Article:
Transcribed from black and white plates.
 
This manuscript is written in a neat, even script, well preserved and fairly well legible from photos. The transcription includes page breaks, line breaks, running titles, punctuation, capitalisation, rubrication (where discernable) and all abbreviations. The ampersand is rendered by 'e(t)', and the common symbols for certain words by 'a(utem)', 'e(st)' and 'e(nim)'. Although words are normally separated, there are some instances in which proclitic prepositions and et are attached (e.g. delumine, apatre): these have not been recorded.
32 Lectionarium Gallicanum
Wolfenbüttel, Herzog-August-Bibliothek, Weissenburg 76.
Copied first half of sixth century, possibly in Clermont-Ferrand.
 
The lectionary is the primary text of this palimpsest, and has been transcribed from:
    A. Dold, Das älteste Liturgiebuch der lateinischen Kirche. Ein altgallikanisches Lektionar des 5./6. Jhs aus dem Wolfenbütteler Palimpsest-Codex Weissenburgensis 76. (Texte und Arbeiten 26-28) Beuron 1936.
Only texts from John have been included: some of these are complete lections, whereas others are individual verses extracted from readings composed of verses from all four Gospels. The pagination follows Dold's reconstruction of the quires of the primary text: the current pagination of the manuscript is provided in a footnote at the top of each page.
The display of this manuscript in Chapter View follows the sequence of the lectionary. Verses which appear in more than one lection are not displayed in Chapter View or in the Synopsis after the initial occurrence, but they may be seen in Page View.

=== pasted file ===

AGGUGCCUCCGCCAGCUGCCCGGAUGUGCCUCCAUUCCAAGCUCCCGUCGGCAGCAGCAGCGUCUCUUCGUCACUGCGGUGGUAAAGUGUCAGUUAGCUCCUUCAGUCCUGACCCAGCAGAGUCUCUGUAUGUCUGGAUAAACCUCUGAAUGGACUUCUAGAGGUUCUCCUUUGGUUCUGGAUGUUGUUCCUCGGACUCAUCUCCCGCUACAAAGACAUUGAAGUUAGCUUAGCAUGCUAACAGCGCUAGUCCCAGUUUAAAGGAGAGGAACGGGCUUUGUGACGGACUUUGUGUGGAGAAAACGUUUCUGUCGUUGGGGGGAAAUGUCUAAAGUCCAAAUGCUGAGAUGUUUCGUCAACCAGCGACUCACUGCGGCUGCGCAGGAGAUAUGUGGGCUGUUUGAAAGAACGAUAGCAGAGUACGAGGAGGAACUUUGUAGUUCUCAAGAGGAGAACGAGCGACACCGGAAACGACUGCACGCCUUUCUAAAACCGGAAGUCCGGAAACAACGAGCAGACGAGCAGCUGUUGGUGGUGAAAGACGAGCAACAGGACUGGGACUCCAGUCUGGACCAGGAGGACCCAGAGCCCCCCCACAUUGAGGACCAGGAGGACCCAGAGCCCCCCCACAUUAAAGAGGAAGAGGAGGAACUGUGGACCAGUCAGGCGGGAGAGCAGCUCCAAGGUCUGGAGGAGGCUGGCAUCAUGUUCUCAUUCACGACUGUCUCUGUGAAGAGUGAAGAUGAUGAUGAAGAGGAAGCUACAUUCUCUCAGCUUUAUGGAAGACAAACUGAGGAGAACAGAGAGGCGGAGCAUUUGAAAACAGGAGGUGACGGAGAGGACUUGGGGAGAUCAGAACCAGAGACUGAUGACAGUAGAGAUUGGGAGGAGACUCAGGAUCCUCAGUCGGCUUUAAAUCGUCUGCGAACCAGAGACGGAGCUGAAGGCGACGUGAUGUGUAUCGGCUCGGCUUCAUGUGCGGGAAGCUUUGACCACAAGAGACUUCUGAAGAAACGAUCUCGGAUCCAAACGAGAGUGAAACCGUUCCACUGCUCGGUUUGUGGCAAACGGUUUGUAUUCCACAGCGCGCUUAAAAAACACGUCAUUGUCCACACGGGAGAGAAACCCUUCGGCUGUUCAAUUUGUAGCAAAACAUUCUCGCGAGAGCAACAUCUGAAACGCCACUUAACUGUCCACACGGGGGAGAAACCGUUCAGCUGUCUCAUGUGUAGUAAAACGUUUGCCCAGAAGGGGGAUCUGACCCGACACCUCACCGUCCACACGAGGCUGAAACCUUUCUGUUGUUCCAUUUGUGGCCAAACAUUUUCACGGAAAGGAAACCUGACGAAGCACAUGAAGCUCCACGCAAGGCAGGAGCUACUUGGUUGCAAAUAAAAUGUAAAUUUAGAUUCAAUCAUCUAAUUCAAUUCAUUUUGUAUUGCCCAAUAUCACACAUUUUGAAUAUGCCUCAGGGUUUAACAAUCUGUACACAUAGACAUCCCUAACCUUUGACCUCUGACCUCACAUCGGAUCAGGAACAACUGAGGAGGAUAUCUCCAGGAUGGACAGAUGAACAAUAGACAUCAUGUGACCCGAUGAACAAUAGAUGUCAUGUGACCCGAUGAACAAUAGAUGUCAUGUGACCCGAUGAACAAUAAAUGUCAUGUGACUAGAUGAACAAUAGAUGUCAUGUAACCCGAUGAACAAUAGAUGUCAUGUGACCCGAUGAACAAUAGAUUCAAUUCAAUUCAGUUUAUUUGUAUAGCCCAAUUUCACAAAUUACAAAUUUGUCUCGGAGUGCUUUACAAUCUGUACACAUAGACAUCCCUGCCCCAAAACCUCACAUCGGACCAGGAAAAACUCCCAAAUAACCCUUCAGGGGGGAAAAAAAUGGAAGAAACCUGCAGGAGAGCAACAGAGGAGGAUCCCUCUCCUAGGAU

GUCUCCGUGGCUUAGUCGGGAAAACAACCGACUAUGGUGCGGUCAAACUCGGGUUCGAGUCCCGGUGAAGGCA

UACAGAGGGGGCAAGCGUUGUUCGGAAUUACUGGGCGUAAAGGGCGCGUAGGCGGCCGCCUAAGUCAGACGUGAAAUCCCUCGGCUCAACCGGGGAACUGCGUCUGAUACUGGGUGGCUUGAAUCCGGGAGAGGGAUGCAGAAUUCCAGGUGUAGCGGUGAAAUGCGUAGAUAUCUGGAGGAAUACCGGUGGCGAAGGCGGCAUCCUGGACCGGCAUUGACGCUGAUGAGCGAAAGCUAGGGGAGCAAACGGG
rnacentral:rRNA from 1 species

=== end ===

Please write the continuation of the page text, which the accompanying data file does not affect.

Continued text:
Text italicized by Dold has been tagged as reconstruction. Dold's punctuation and capitalisation have been reproduced exactly. Letters in smaller type (usually final 'm') have been treated as abbreviations.
33 Codex Carnotensis
Paris, Bibliothèque Nationale lat. 10439.
Copied in the sixth century in Italy. Lacunose in 6:42-57 and 21:7-24.
 
This manuscript has been transcribed from black and white photographs.
This tiny manuscript of John, perhaps used as an amulet, was found in a reliquary in Chartres in 1712. It has an Old Latin text in John 1-6. Many pages are in a poor state of preservation. Our edition is, we believe, the first full transcription of this witness.
 
The bulk of the manuscript appears to be written by the same hand, but folios 1-4 and 63 are by a much less regular hand (more difficult to read and with non-standard orthography), and do not use the full extent of the parchment. Folios 192 and 195 are in a more artistic style, probably by a third hand. It is possible that these pages were written by ecclesiastical dignitaries. Some of the manuscript has been reinked. There are a number of ligatures at the ends of lines for combinations such as 'nt', 'ns', 'us', 'ur' etc. which have all been transcribed. There are very few abbreviations, all of which are recorded. All punctuation, capitalisation and hanging lines have been included, although the tight binding of the manuscript mean that the latter are not always visible. Quire signatures, where visible, have been listed as notes. Some corrections may by the first hand, others by later hands.